One of Claremore’s pioneer citizens, who has tirelessly devoted his energies to the development of the town along the various lines is Dr. J. C. Bushyhead, who first located here some thirty-one years ago. During the long period of his residence here he has been engaged in the active practice of his chosen profession and has won for himself an enviable position among the foremost physicians and surgeons of northeastern Oklahoma.
A native of Indian Territory, he was born at Fort Gibson on the 29th of June, 1870, a son of Dennis Bushyhead, who was chief of the Cherokee Indians from 1879 to 1886 and prior to that was treasurer of the nation. He was also, for many years, a delegate to Washington, D. C., in the interests of the nation. Aside from his political interests, Dennis Bushyhead was a farmer and conducted a mercantile business. In 1849 the year of the gold rush to California he went to that country and followed mining, being superintendent of the construction of ditches for mining purposes. He was active in that capacity for Judge Terry, who later became famous through the fighting of a duel which is now set down in history. Mr. Bushyhead returned to Indian Territory in 1868, however, and soon after that became prominent in the affairs of the Cherokee Nation. His demise occurred at Tahlequah in 1898, and came as a severe blow to his family and many friends. His brother, Edward Bushyhead, was one of the founders of the San Diego Union, at that time the leading paper of San Diego county; California, of which Douglas Gunn was the editor. Edward Bushyhead was also sheriff of that county and held the position of chief of police of San Diego for some time. His demise occurred there in 1909. Dr. J. C. Bushyhead, whose name initiates this review, has a brother, Dennis W., who is living in Watts, Oklahoma, where he is engaged in farming and takes an active interest in politics, and a sister, Elizabeth, who is the widow of Thomas Triplett and is likewise making her home in Watts.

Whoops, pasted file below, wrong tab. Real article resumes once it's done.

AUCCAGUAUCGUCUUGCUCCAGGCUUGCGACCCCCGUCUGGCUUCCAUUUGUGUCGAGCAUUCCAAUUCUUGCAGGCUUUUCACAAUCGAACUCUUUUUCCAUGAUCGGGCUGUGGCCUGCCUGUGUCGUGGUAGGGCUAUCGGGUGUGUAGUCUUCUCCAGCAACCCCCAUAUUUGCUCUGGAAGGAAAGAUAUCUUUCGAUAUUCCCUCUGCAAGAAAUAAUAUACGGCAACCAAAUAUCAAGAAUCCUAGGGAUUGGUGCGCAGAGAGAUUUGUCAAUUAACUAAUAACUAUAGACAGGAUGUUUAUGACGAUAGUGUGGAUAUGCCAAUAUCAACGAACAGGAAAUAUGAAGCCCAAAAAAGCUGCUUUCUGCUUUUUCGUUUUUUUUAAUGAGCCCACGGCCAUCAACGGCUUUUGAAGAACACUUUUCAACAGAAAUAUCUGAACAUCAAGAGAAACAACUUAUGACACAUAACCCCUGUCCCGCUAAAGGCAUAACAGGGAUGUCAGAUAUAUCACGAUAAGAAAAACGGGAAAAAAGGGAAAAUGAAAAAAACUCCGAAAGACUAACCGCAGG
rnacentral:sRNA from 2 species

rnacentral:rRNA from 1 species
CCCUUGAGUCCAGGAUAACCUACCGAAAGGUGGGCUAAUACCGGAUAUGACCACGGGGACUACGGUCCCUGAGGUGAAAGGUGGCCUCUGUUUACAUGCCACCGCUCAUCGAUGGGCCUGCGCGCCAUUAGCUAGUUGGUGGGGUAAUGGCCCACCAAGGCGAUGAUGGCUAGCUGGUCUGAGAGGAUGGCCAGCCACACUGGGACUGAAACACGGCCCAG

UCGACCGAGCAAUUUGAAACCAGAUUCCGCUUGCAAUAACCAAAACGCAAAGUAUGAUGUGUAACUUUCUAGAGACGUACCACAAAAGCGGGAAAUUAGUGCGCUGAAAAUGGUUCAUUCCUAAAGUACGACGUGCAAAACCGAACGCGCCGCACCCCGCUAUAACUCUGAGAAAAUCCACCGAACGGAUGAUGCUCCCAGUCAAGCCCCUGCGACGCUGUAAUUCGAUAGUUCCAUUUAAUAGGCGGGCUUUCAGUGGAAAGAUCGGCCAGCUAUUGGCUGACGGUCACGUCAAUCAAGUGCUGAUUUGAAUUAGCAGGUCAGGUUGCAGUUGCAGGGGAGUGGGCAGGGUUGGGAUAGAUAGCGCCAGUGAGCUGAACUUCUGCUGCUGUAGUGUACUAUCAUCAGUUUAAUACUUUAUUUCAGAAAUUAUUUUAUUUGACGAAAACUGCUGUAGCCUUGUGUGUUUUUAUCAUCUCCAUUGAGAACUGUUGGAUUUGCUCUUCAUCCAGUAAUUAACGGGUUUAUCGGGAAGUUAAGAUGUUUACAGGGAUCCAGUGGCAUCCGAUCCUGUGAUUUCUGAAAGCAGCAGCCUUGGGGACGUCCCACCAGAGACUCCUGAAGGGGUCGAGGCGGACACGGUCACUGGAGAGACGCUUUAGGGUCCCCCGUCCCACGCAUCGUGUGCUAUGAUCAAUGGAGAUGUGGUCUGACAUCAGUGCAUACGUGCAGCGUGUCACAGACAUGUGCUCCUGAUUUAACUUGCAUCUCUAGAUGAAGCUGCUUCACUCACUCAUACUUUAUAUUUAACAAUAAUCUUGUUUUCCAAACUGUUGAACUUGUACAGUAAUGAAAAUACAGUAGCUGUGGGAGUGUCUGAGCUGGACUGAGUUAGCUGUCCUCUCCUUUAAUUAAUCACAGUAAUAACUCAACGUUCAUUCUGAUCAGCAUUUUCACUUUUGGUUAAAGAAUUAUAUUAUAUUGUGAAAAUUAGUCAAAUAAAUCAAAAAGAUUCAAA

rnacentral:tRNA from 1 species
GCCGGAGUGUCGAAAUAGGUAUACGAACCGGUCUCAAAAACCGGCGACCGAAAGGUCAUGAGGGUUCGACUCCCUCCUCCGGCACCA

In the acquirement of an education J. C. Bushyhead attended the public schools of Fort Gibson and subsequently entered the Male Seminary at Tahlequah. His earliest ambition was to be a physician and subsequently, after completing his course at the Male Seminary, he enrolled in the Missouri Medical College, from which institution he was graduated in 1891 with the M. D. degree. He immediately started into practice, locating at Pryor Creek, Mayes county, but in September of that same year came to Claremore, where he has since resided and has built up a practice of extensive and lucrative proportions. He is one of the representative members of the medical profession in northeastern Oklahoma and through membership in various medical bodies and through reading the best literature on modern medical research he keeps in constant touch with the advance being made by eminent members of the profession throughout the country. Although the greater part of his time and attention is given to his profession, he is actively interested in farming, owning a valuable four hundred and fifty acre tract, five miles west of Claremore on the Verdigris river. In 1898 was celebrated the marriage of Dr. Bushyhead and Miss Fay I. Reynolds, a native of Arkansas, and to them five children have been born: Edward R., twenty years of age, who is attending school; Jesse C., eighteen years of age, who is a student at the Oklahoma Military Academy at Claremore; Dennis, age seventeen years, who is likewise attending the military academy; and George D., fifteen years of age, who is a student in the local schools.% 9
Although he has never sought nor desired public preferment on his own account, Dr. Bushyhead is ever cognizant of the duties and responsibilities as well as the privileges of citizenship and is a dominant factor in the furtherance of any movement for the development and improvement of the general welfare. He is a thirty-second degree Mason and Shriner.